BOSTON, May 21, 2020 (GLOBE NEWSWIRE) -- Chiesi Global Rare Diseases, a business unit of Chiesi Farmaceutici S.p.A., an international research-focused healthcare Group (Chiesi Group), today announced that the U.S. Food and Drug Administration (FDA) has approved Ferriprox® (deferiprone) twice-a-day tablets for the treatment of patients with transfusional iron overload due to thalassemia syndromes when current chelation therapy is inadequate1. The new formulation of twice-a-day Ferriprox 1000 mg oral tablets eliminates the mid-day dose.

“The availability of a new twice-a-day oral tablet formulation of Ferriprox provides patients with the ability to reduce serum ferritin levels and cardiac and liver iron,” said Giacomo Chiesi, Head of Chiesi Global Rare Diseases “This important milestone for Chiesi Global Rare Diseases is another reflection of our commitment to innovation to improve the lives of patients living with rare diseases around the world.”

Thalassemia syndromes are a group of rare inherited hematological conditions including beta-thalassemia and are characterized by impaired hemoglobin production. In certain cases, such as with beta-thalassemia, severe forms of this genetic disorder if left untreated can lead to life-threatening complications. Patients are often managed with long-term blood transfusions that can put them at risk of developing very high levels of iron in their blood and vital organs. As the level of iron rises, it can generate free radicals that can be toxic to proteins and membranes. Deferiprone is engineered to bind to iron in the tissues and circulation, thereby inactivating it. Iron is then excreted from the body primarily via urine. Dosing is initiated at 75 mg/kg/day and can be increased up to 99 mg/kg/day to improve efficacy in iron chelation. The application for marketing approval was supported by bioequivalence studies.

“In the management of patients with thalassemia, clinicians often see firsthand the difficulties they can have with dosing and compliance, and the impact that this can have on the effectiveness of treatment,” said Thomas Coates, M.D. Section Head, Hematology at Children’s Hospital Los Angeles. “A treatment option that reduces serum ferritin, cardiac iron and liver iron with an established safety profile and now twice-a-day tablet dosing can represent a significant advantage for patients.”

To support patients treated with Ferriprox (twice-a-day), Chiesi Global Rare Diseases offers the Chiesi Total Care™ Program. Through this program, HCPs and patients can access a team of dedicated specialists able to provide individual support as well as information about prescription, reimbursement, financial assistance and product refills. For information about Chiesi Total Care, call 866-758-7071.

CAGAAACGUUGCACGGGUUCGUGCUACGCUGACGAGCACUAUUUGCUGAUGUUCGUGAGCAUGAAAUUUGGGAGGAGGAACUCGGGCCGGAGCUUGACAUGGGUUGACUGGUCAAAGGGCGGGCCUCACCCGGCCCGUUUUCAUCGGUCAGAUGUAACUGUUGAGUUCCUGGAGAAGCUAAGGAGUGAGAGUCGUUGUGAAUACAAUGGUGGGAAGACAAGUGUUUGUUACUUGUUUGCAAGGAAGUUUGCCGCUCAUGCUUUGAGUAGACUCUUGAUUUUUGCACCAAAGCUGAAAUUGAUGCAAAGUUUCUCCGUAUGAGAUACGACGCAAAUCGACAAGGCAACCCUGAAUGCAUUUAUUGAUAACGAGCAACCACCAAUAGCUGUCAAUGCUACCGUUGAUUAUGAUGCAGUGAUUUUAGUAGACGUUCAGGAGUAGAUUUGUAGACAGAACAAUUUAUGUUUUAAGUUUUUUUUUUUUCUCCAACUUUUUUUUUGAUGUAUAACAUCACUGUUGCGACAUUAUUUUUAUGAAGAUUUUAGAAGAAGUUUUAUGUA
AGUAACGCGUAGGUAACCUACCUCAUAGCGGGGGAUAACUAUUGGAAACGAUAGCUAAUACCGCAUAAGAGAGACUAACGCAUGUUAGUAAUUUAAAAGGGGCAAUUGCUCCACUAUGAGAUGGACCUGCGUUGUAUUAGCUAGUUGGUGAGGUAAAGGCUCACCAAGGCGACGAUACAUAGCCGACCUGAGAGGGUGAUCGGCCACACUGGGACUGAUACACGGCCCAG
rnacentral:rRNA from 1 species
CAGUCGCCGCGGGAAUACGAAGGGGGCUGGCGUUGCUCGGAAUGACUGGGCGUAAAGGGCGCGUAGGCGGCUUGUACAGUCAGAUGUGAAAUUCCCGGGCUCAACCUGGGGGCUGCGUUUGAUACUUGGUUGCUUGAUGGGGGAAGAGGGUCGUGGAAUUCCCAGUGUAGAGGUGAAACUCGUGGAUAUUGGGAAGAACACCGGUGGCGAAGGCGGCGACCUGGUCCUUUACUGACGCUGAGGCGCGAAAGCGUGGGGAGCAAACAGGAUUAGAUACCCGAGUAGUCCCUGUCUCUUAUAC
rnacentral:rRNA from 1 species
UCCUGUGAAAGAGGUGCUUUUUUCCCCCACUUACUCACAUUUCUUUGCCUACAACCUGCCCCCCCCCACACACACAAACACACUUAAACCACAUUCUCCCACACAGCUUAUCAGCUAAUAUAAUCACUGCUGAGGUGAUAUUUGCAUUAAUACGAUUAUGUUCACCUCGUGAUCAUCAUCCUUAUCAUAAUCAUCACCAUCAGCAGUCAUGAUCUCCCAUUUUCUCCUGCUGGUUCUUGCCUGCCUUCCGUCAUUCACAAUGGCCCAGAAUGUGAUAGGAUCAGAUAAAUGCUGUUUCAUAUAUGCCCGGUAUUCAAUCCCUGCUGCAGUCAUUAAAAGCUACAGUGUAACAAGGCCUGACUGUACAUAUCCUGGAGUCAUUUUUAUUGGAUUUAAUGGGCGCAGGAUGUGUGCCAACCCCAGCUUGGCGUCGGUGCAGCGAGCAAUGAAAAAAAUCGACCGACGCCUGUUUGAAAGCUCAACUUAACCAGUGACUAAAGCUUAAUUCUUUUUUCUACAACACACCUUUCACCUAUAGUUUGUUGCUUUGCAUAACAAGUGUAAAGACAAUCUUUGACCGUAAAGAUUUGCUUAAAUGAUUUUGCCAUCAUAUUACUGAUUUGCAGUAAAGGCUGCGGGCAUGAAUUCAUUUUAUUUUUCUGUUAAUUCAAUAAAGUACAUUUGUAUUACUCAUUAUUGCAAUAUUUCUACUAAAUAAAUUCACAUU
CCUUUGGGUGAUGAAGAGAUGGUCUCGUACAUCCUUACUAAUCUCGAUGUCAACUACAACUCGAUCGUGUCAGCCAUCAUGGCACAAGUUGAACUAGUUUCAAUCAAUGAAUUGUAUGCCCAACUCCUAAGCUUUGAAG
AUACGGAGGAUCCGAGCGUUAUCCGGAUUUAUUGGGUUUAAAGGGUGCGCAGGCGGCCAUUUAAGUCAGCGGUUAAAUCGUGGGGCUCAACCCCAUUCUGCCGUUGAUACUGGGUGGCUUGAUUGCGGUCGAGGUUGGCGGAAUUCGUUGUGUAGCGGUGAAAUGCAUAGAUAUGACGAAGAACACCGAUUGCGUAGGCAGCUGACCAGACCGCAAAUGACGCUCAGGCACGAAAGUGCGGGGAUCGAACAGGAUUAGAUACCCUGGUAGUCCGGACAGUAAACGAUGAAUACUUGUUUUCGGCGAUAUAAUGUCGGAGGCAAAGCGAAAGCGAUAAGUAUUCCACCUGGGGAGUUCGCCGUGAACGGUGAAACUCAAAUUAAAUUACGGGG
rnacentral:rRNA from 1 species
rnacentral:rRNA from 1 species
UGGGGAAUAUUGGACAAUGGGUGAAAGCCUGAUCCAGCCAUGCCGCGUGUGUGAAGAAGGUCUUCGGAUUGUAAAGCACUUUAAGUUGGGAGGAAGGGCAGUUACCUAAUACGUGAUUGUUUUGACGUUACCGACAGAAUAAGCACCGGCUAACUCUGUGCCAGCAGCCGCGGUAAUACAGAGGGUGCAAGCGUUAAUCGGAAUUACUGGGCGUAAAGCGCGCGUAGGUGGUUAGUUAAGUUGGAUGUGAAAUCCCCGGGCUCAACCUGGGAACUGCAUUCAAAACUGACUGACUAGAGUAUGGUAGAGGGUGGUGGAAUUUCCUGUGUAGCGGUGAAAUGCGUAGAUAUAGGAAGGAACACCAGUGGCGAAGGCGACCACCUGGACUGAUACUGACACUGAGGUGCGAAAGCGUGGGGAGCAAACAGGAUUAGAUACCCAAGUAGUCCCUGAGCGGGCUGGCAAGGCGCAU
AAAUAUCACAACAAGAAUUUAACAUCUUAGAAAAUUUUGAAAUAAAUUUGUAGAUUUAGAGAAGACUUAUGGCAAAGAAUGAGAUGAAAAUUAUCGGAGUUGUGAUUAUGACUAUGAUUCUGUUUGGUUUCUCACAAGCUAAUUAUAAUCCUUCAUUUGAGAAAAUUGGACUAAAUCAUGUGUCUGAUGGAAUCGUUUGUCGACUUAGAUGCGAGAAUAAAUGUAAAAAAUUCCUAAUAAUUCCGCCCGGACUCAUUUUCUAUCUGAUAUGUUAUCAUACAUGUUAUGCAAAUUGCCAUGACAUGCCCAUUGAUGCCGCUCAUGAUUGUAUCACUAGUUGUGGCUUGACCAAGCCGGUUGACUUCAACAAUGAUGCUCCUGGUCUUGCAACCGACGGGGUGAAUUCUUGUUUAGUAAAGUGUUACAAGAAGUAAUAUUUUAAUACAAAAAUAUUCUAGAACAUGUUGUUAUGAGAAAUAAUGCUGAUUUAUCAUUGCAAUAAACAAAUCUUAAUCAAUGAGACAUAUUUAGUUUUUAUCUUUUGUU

Ferriprox (twice-a-day) is an iron chelator indicated for the treatment of patients with transfusional iron overload due to thalassemia syndromes when current chelation therapy is inadequate.

Approval is based on a reduction in serum ferritin levels. There are no controlled trials demonstrating a direct treatment benefit, such as improvement in disease-related symptoms, functioning, or increased survival.



2018 ASH Highlights

2018 09 12

Vasili Berdoukas is a haematologist working in Greece, in private practice.
He was a Visiting Professor in Pediatrics at the University of Southern California in the Division of Hematology/Oncology and Bone and Marrow Transplantation, Children’s Hospital of Los Angeles, USA. The University of Southern California between 2009 and 2014 and has been awarded an Emeritus Professorship in Pediatrics from the USC.
He completed his undergraduate medical degree at the University of Sydney in 1971 and his pediatric training in Sydney, London and Athens. He also completed a law degree at the University of New South Wales graduating in 2001.

He has worked in the field of haemoglobin disorders for almost 40 years. In London, in 1976-1977 he worked with Professor Bernadette Modell, then in 1978-79 in Greece with Professor Dimitris Loukopoulos, where he established the service of prenatal diagnosis of thalassaemia and other significant haemoglobin disorders.
From 1981 – 2000 he was a Staff Paediatrician at the Sydney Children’s Hospital with a particular interest in haematology and particularly thalassaemia. During that time he also established prentatal diagnosis for haemoglobinopathies there as well. Until he went to the United States in 2009 he worked at the “Aghia Sophia”Children’s Hospital in two of the largest Thalassemia units in Greece.
He was co-author in a book on the Clinical Approach to Thalassaemia. He has at least 50 publications in the field of paediatrics and haematology.